Objective: Ventricular assist devices (VAD) are mechanical pumps implanted into patients with advanced heart failure who are at risk of imminent death. VADs are a treatment and not a cure, and mortality on device support remains high. Recognizing the dire nature of the decisions for patients and families and the associated high mortality rates, we actively included processes for device withdrawal as part of our program mandate.
Methods: At Toronto General Hospital, from October 2001 to December 2004, 22 patients underwent implantation of a VAD. Seven patients died following device withdrawal.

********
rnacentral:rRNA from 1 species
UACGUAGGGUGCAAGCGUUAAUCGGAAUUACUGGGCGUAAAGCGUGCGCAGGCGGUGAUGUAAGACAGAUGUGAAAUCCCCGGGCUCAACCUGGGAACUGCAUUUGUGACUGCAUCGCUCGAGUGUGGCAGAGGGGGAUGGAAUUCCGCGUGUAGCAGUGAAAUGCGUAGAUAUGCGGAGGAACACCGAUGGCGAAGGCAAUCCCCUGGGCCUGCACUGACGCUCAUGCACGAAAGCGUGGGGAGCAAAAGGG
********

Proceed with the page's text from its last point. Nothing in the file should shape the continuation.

Results: The average time spent on support prior to device withdrawal was seven days. In four of the seven cases, family members initiated discussions regarding device withdrawal. Family-initiated discussions were more likely to occur if patients were implanted electively, as a bridge to transplantation. Disagreements occurred between the ICU and the transplant teams regarding the timing of device withdrawal and responsibility for stopping the pump.
Discussion: Establishing a process for device withdrawal has been a key factor in the success of our VAD program. This process relies heavily on pre-implantation preparation, a strategy for resolving disagreements, and a process for withdrawing device support.